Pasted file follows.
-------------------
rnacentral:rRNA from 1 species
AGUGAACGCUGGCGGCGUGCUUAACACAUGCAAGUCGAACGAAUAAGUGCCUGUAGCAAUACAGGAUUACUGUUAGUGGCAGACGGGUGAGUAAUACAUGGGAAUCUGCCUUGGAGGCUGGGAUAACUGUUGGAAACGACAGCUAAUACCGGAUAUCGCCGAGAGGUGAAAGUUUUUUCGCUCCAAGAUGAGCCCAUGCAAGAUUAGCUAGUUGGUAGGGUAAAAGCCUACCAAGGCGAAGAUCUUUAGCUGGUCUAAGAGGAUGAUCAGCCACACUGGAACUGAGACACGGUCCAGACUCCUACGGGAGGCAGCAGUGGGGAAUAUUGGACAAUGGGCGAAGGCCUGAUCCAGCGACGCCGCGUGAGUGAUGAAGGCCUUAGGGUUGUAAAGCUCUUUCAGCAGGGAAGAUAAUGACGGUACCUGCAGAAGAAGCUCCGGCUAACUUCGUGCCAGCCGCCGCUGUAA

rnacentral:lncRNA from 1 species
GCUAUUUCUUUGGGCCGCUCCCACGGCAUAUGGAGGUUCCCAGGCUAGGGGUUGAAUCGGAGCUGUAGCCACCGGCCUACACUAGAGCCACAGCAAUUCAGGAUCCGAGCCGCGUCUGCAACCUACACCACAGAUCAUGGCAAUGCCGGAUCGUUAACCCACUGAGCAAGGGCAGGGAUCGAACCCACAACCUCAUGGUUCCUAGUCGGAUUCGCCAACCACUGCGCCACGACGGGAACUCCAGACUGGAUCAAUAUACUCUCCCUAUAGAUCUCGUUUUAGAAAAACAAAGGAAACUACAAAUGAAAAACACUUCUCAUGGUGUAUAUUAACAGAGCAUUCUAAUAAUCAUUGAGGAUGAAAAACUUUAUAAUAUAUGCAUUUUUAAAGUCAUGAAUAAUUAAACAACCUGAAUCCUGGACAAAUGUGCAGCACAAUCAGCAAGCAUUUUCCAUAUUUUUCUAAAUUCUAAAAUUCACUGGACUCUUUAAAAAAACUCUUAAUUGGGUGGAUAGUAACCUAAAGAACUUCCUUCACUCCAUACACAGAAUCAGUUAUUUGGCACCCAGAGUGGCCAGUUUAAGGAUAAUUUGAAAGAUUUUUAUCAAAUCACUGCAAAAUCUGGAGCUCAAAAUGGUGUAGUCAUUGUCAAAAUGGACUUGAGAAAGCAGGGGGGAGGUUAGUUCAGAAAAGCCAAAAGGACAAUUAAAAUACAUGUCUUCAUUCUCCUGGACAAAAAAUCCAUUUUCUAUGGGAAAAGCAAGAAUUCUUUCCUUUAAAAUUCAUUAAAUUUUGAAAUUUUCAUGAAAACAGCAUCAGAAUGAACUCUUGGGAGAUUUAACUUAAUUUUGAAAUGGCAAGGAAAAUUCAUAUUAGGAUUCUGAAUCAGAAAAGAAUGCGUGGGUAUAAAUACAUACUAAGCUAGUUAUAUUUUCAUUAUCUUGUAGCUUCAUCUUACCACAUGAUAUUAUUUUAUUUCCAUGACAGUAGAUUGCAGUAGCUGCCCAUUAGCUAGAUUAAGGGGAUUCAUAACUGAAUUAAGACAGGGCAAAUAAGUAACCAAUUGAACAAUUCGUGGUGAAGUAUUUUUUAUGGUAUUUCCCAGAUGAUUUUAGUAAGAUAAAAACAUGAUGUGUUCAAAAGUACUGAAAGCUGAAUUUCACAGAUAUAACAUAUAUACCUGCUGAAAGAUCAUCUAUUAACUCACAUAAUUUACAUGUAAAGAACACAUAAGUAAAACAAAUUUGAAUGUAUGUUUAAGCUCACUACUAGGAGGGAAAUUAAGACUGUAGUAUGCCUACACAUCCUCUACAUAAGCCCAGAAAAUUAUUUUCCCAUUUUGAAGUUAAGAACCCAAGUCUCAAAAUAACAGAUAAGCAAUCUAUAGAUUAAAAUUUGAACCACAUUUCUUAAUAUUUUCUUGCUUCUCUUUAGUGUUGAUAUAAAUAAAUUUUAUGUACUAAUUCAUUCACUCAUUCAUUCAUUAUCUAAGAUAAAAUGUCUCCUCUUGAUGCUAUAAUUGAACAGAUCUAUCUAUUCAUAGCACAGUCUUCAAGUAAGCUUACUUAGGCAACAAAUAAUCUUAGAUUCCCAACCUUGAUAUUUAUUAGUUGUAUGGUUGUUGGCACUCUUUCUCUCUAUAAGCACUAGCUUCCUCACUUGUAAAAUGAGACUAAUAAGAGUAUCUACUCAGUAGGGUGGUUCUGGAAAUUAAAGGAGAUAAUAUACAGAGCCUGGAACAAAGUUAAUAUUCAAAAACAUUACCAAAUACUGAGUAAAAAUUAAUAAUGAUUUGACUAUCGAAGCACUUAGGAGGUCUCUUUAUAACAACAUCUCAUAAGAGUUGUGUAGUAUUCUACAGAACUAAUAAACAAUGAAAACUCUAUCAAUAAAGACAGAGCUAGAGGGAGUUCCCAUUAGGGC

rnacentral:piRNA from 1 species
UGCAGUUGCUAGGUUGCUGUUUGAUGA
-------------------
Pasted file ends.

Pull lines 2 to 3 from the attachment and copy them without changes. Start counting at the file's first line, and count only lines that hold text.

AGUGAACGCUGGCGGCGUGCUUAACACAUGCAAGUCGAACGAAUAAGUGCCUGUAGCAAUACAGGAUUACUGUUAGUGGCAGACGGGUGAGUAAUACAUGGGAAUCUGCCUUGGAGGCUGGGAUAACUGUUGGAAACGACAGCUAAUACCGGAUAUCGCCGAGAGGUGAAAGUUUUUUCGCUCCAAGAUGAGCCCAUGCAAGAUUAGCUAGUUGGUAGGGUAAAAGCCUACCAAGGCGAAGAUCUUUAGCUGGUCUAAGAGGAUGAUCAGCCACACUGGAACUGAGACACGGUCCAGACUCCUACGGGAGGCAGCAGUGGGGAAUAUUGGACAAUGGGCGAAGGCCUGAUCCAGCGACGCCGCGUGAGUGAUGAAGGCCUUAGGGUUGUAAAGCUCUUUCAGCAGGGAAGAUAAUGACGGUACCUGCAGAAGAAGCUCCGGCUAACUUCGUGCCAGCCGCCGCUGUAA

rnacentral:lncRNA from 1 species